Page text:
For now, though, Merry Christmas, eh?

Sunday, December 9, 2012

There's cops doing amazing things on cumbersome bikes. And then there's this

Who doesn't love to watch the amazing feats performed by police gymkhana competitors? The precise, floorboard-grinding control they display, riding heavy bikes laden with police equipment really can make us wonder, what we gonna' do when they come for us?

Take these cops, who perform near miracles on Honda ST1300s. I definitely wouldn't want to try to outrun them -- at least, not if I had to weave through heavy traffic...

But, this member of Mexico's elite, Presidential-guard security team seems a little more fallible, as he fails to notice one of Mexico City's famous speed bumps. Not even the top cops can nose-wheelie an 800 pound dresser.

No animals were hurt in the making of this video. I can't say as much for that guy's ego.

Saturday, December 8, 2012

Moron thought experiments. Oops, I mean 'more on' thought experiments

I expanded on the comparison between MotoGP and 'mere' World Superbike lap times in a recent Backmarker column on When researching that column, I made an embarassing mistake by not realizing that MotoGP and World Superbike run different course configurations at Aragon. Anyway, that edition of Backmarker actually got more than the usual amount of positive feedback, as well as some angry negative and dismissive comments.

Oh well.

The thought experiment of putting a top-flight MotoGP rider on a Superstock-spec (or indeed, production) bike, to see just how close production bikes are to the fastest bikes on the planet, is admittedly probably not something we'll ever really see conducted.

But that doesn't mean it isn't fun to speculate. When I worked at Motorcyclist, I used to fantasize about another experiment that would have been even riskier to carry out, but way more fun.

In this moto-journalist fantasy, I would go up to some place like the Rock Store or Deal's Gap, where dozens of sport bike riders convene on weekends, including  plenty of rich squids on really tricked out top-of-the-line bikes. You know the type; guys who buy the latest Ducati Panigale or BMW HP4, but don't even take it out of the dealership before fitting a full-race exhaust and a swathing it in carbon fiber.

I'd select half-a-dozen of these guys and take them to a race track, where I'd let them spend a day setting their fastest laps. In between sessions they'd endlessly brag up their bikes, citing comparison tests and dyno figures from memory. Once they'd set their best laps, I'd bring out my ringer.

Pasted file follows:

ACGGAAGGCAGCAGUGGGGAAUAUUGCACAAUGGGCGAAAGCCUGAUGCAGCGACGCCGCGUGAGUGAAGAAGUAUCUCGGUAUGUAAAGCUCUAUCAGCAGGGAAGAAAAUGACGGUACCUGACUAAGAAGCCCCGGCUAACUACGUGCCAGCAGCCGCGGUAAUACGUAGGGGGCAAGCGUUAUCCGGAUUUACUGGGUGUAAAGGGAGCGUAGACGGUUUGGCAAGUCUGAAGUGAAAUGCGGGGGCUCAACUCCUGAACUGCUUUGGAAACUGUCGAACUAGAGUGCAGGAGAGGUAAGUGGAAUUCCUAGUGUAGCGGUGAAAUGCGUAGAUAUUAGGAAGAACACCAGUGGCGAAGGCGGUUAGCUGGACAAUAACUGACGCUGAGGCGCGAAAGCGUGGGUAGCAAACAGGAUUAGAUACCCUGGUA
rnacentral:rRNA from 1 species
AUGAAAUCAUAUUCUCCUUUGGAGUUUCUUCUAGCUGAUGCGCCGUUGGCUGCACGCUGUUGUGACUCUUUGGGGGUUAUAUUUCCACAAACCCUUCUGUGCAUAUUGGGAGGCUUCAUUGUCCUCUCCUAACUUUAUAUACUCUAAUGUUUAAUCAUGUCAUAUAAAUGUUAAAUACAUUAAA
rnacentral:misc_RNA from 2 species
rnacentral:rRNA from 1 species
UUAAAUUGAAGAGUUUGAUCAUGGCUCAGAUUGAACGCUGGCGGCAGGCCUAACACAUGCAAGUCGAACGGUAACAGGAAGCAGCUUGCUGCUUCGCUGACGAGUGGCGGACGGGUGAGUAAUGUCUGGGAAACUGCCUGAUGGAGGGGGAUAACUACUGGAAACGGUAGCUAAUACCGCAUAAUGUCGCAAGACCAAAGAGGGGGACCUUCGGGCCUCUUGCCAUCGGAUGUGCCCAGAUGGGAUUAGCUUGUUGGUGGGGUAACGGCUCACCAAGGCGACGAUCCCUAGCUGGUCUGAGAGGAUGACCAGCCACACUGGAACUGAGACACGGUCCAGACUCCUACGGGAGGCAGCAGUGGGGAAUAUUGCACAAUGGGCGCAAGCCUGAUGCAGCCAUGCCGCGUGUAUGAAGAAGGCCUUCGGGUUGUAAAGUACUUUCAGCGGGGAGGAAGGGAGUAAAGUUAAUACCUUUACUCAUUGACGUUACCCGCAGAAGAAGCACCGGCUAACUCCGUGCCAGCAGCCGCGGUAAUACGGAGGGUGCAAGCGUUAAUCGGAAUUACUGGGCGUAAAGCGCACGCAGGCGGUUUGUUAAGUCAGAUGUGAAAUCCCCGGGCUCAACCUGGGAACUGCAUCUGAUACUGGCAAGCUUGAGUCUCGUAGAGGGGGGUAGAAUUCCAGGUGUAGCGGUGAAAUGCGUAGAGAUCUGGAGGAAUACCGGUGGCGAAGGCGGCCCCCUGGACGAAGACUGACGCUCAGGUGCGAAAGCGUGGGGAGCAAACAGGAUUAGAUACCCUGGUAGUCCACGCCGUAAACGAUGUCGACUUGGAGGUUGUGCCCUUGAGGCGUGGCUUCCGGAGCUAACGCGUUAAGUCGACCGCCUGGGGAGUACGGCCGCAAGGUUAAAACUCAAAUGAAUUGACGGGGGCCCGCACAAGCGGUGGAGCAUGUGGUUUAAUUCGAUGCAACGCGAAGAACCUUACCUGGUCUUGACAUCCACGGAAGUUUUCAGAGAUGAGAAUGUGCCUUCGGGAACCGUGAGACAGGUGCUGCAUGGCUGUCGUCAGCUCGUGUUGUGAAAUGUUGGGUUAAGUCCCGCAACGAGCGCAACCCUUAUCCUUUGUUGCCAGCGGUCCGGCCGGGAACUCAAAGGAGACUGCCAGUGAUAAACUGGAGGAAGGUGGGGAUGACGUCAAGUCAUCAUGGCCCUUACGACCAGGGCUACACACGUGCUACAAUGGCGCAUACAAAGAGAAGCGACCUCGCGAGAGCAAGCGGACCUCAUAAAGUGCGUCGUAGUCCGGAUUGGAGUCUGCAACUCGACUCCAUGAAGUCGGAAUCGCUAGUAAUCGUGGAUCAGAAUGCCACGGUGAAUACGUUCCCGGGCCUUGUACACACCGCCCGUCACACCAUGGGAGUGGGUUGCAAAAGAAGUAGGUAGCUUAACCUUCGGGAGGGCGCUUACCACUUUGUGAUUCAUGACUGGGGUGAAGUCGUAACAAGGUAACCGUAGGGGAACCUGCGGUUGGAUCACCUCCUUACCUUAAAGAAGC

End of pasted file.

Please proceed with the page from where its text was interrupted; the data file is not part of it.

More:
This would be some totally hard core racer, but not just any racer; a guy picked for his ability not just to go fast, but to go fast on shit bikes. Frankly, I'm not sure who I'd pick today, but back when I was having this fantasy, I'd have hired Pascal Picotte for the task. Picotte was a guy they wouldn't recognize in plain leathers, but he combined world-class speed with a knack for extracting speed from less-than-world-class bikes. He came up through the old RZ Cup system, racing Yamaha RZ-350s, and first attracted real attention in a one off ride when the World Superbike series made a rare stop in Mexico. He was blazingly fast on a bumpy, crap track.

The first time I ever saw him ride in person was at my (then) home track of Race City Speedway, in Calgary. That was scrappy, bumpy track, and Picotte set the outright lap record on a Fast by Ferracci Ducati when they brought it up for some testing. I knew the track intimately, having put in several hundred laps at least, and Picotte did things that were, simply, impossible.

Later still, when the ill-fated Harley-Davidson Superbike program brought Scott Russell in as a rider, they added Picotte as Russell's team-mate and Picotte kicked his ass over and over.

I watched Picotte again, riding the Harley Superbike at Loudon. I was racing there, too; it must have been almost the last year that the AMA had it on the schedule. Both the bike and the track were a handful, and Picotte was breathtaking.

Anyway, where was I? Oh yes, the experiment.

Then, I'd set my rider off to record his best lap on, say, a bone-stock 600. He'd go way, way faster than the fastest squid. (In my fantasy, the squids are all watching from the pit wall, with stop-watches.)

After coming in on the 600, I'd send my ringer out on progressively shittier bikes. Like, maybe the second one out would be a Hyosung 650GT. And on down the line until -- hopefully we'd be at a flowing, technical track, maybe Barber in the eastern version of this experiment -- my ringer was lapping faster than the squids, on a shagged Honda Nighthawk 700, or a Buell Blast.

This would be cruel, but if you datalogged the whole thing it would also be enlightening. Of course, no motorcycle magazine would ever do it, because their bread is buttered by the manufacturers of new bikes.

Sunday, December 2, 2012